# 17 Students Join Mathematics Honor Society

This year, 17 Augustana students were inducted into the South Dakota Delta chapter of Pi Mu Epsilon, the National Mathematics Honorary Society. Pi Mu Epsilon is dedicated to the promotion of mathematics and recognition of students who successfully pursue mathematical understanding.

Dr. Lindsay Erickson, assistant professor of mathematics, gave a talk during the ceremony entitled "Game Theory and the Cuban Missile Crisis."

For induction into Pi Mu Epsilon, undergraduate students must complete at least the equivalent of two semesters of calculus and two additional courses in mathematics, at or above the calculus level, all of which lead to the fulfillment of the requirements for a major in the mathematical sciences. In addition, such students must have maintained a grade point average equivalent to that of at least 3.0 on a 4 point scale, both for all courses that lead to fulfillment of requirements for a major in the mathematical sciences, and also for all courses that lead to fulfillment of requirements for an undergraduate degree.

### The following students were inducted:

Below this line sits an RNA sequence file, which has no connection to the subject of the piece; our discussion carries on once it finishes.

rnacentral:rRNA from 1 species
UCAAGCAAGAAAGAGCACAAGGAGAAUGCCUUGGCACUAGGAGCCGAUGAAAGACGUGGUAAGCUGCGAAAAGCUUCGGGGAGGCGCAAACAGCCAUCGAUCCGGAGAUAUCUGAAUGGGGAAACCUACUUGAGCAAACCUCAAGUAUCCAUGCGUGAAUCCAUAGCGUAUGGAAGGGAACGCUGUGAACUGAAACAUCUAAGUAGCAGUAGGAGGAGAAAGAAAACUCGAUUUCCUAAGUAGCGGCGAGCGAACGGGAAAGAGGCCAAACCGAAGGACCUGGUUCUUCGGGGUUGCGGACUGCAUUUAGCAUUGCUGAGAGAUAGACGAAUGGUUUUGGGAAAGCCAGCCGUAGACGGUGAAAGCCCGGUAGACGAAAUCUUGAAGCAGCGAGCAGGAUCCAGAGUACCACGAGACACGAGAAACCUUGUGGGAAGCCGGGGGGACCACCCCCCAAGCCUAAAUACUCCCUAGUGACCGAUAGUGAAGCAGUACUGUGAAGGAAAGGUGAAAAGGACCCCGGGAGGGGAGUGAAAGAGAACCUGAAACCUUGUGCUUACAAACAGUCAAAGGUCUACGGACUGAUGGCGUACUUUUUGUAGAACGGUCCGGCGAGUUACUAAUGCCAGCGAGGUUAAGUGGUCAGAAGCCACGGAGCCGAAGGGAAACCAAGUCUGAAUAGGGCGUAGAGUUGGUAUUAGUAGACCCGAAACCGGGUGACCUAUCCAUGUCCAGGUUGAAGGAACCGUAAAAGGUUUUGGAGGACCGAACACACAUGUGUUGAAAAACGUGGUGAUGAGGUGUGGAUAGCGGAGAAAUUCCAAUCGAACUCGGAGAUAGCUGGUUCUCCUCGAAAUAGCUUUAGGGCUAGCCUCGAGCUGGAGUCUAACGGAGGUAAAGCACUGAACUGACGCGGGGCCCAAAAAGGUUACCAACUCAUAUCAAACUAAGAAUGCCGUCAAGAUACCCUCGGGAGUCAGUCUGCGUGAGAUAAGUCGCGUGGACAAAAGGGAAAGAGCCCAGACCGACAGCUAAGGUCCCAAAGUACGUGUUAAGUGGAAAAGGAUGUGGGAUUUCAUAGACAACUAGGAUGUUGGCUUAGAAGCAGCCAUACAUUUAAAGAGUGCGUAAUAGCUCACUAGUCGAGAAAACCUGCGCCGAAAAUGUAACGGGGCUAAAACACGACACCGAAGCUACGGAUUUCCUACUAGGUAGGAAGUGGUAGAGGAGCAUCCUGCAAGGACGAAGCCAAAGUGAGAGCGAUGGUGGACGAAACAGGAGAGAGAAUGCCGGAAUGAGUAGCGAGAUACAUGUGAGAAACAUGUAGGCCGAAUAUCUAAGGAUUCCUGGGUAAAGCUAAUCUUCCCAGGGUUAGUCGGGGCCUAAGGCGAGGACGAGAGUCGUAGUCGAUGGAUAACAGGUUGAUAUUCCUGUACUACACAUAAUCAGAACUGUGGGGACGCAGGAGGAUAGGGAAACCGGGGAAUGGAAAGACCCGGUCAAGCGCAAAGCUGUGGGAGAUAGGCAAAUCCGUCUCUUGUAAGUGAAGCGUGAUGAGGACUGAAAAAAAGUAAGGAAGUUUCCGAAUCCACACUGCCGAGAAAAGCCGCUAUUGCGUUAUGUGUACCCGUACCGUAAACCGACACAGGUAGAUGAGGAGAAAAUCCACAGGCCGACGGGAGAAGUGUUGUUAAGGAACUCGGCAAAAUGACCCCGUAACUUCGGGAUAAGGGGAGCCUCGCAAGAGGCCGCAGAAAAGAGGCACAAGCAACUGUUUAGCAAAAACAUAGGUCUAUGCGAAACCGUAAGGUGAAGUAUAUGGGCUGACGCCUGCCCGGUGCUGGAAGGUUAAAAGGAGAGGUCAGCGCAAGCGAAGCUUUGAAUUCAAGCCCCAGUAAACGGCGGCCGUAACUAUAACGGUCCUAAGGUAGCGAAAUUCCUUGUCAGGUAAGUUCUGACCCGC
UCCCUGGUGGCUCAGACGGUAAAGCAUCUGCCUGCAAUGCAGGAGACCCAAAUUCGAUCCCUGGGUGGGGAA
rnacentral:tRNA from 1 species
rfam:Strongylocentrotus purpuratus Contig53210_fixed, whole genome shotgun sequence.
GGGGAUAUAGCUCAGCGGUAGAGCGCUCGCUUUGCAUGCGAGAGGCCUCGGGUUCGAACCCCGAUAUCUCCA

- Abubeker Abdo
- Emma Behling
- Julie Behrens
- Geoffrey Gray-Lobe
- Halelua Hamito
- Cooper Kruesel
- Bryan Jackson
- Bereket Mamo
- Abby Martin
- Thomas Norland
- Avery Selberg
- Taylor Stacey
- Selamawit Tegegn
- Michael Viste
- Jacob Wargo
- Kyle Widman
- Nadab Wubshet

### Abstract for "Game Theory and the Cuban Missile Crisis"

In October of 1962, in the midst of the Cold War, the United States confirmed that the Soviet Union was building nuclear missile launch sites in Cuba. These launch sites were all well within striking distance of most of the contiguous U.S. states. The U.S. determined that they had four possible options/outcomes: 1) Enact a naval blockade which may result in the removal of the Soviet missiles; 2) Enact a naval blockade which may result in no missile removal; 3) Enact an air strike to destroy missiles that the Soviets intended on keeping in Cuba; 4) Enact an air strike to destroy missiles that the Soviets intended to remove. Each of these options had pros and cons, and each had major, history-altering consequences. In an attempt to make the best of a messy situation, the U.S. applied economic game theory to the four outcomes to determine their best strategy. This talk will explain economic game theory with some common application, including the Prisoners' Dilemma and Chicken, and give a brief history of the Cuban Missile Crisis and how mathematics resolved an international conflict.